CH& Concludes That PACE Can Be Adopted in Washington Without Violating the State Constitution
January 08, 2019 posted by Eric Christensen
PROPERTY-ASSESSED CLEAN ENERGY (PACE):
CH& CONCLUDES THAT HIGHLY SUCCESSFUL CONSERVATION FINANCING MECHANISM CAN BE ADOPTED IN WASHINGTON WITHOUT VIOLATING THE STATE CONSTITUTION
Cairncross & Hempelmann (CH&) has determined that Property-Assessed Clean Energy (“PACE”) legislation can be adopted in Washington without violating the Washington Constitution’s prohibitions against gifts of public funds and lending of public credit. The conclusion paves the way for PACE legislation to be adopted in Washington. This will allow Washington commercial property owners to take advantage of a mechanism for financing energy conservation, renewable energy, and resiliency investments that has proved highly successful in many other states.
When a property owner installs cost-effective energy conservation measures or installs a renewable energy system, that owner will pay lower utility bills, which means that the owner has more capacity to repay loans. PACE allows this greater credit capacity to be harnessed to fund long-term energy conservation measures and renewable energy systems. Similarly, when a property owner invests in seismic upgrades, reduced insurance bills create new borrowing capacity that can be harnessed to repay the costs of those seismic upgrades.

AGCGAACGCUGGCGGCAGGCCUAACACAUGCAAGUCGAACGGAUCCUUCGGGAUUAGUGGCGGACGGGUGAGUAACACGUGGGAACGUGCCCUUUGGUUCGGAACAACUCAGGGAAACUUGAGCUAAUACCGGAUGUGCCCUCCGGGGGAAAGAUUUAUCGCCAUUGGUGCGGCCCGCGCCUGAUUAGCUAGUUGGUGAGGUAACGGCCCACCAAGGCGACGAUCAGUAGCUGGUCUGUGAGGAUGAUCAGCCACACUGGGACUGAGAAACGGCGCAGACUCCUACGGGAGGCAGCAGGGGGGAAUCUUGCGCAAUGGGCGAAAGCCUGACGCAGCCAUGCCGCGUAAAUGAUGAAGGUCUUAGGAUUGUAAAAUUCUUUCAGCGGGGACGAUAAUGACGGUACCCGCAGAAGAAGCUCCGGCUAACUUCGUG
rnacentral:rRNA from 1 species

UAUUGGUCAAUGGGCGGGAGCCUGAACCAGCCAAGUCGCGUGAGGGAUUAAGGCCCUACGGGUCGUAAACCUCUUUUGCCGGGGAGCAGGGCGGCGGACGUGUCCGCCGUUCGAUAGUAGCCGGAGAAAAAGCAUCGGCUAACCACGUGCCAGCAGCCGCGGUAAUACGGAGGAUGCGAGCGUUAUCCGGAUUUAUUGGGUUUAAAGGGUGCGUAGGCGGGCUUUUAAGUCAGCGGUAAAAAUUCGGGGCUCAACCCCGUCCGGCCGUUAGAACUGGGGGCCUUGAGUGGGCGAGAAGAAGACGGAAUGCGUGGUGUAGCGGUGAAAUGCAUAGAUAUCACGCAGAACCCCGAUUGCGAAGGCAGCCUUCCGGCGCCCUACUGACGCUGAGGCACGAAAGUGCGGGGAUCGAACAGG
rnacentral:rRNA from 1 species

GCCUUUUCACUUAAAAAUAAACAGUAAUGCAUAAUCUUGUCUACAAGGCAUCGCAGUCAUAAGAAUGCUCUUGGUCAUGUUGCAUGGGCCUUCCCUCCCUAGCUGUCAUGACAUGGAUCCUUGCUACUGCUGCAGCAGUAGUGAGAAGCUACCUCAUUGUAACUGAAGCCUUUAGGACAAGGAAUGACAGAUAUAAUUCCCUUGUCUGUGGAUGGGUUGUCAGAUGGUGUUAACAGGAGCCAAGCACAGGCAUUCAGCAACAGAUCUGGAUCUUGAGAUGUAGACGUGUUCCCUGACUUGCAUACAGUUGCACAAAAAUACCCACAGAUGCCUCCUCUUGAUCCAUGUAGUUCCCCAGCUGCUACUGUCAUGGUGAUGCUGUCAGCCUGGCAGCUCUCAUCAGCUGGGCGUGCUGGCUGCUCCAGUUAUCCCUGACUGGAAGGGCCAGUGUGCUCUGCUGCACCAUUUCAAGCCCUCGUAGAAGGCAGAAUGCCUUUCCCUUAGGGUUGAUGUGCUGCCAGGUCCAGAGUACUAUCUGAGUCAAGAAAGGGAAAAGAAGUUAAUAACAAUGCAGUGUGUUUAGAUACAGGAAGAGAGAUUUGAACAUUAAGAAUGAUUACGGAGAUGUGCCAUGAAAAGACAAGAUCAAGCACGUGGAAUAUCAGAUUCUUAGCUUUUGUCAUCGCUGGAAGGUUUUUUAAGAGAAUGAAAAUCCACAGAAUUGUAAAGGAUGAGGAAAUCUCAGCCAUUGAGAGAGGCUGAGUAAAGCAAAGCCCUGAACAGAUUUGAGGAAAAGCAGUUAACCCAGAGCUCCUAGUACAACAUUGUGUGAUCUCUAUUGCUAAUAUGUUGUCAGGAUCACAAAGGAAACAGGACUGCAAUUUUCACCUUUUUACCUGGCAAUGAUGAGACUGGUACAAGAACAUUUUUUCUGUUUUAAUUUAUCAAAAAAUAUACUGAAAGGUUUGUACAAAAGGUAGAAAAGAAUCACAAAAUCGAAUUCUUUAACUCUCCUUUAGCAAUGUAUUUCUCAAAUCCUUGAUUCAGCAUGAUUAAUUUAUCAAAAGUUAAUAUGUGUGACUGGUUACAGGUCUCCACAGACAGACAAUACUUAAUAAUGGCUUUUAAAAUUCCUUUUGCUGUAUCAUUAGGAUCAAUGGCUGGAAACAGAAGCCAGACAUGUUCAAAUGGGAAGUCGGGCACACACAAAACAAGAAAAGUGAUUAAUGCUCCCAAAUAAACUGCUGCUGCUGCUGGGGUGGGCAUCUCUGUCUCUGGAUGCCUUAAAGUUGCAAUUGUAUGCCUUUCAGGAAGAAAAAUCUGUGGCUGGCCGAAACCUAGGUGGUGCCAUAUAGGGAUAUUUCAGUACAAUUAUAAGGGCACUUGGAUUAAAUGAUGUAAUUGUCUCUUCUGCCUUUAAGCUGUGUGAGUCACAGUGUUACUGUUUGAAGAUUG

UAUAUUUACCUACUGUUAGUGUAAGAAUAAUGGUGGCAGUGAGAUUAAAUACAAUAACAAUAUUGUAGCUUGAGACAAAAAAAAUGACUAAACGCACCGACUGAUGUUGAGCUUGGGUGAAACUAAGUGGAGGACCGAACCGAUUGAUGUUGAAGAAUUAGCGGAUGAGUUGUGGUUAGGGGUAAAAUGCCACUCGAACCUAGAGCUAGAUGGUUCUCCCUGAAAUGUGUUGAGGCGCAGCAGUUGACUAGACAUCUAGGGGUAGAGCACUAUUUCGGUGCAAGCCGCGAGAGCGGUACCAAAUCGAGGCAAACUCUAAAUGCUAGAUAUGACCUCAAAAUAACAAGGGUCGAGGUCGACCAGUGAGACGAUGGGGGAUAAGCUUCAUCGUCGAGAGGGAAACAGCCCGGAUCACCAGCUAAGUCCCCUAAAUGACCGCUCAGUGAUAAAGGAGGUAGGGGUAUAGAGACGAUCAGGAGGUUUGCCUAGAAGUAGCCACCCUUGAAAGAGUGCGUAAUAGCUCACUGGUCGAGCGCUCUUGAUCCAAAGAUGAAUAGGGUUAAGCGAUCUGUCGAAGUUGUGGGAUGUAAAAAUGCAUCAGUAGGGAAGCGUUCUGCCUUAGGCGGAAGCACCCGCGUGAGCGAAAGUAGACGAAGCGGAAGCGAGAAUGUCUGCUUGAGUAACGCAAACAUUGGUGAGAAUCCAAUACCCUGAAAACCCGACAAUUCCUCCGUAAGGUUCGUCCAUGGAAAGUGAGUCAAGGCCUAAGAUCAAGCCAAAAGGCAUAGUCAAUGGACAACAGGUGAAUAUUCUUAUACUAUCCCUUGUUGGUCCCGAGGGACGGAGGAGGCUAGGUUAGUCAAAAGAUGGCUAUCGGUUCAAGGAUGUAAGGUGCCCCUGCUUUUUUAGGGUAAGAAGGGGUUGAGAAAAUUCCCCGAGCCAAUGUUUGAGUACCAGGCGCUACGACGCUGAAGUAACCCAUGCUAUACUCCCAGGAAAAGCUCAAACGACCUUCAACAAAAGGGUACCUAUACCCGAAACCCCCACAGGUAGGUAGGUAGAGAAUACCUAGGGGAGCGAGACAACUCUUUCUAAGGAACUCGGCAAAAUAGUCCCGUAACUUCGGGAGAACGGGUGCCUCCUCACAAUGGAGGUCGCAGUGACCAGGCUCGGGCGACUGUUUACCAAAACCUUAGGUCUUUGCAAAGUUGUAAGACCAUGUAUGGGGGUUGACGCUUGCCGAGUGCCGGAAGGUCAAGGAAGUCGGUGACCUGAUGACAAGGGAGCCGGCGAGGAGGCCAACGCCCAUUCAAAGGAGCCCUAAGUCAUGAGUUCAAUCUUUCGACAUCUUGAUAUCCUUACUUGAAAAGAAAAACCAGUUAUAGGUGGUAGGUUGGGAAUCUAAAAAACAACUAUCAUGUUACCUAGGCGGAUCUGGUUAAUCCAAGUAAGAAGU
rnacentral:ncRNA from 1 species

Working on behalf of the Shift Zero Coalition, a group of architecture, engineering, and energy conservation service providers and others interested in promoting green buildings, CH& analyzed whether legislation following the Texas PACE model could be adopted in Washington without running afoul of our state Constitution. The Texas PACE model relies on private financing to fund PACE loans, with state and local government agencies acting primarily to ensure repayment of the loans through local property tax assessment mechanisms. In a memorandum prepared for the Coalition, CH& concludes that no public funds are either loaned or given away under the Texas model, and that PACE legislation following this model can be adopted in Washington without risk of violating the Washington Constitution. To read the full CH& analysis, click here.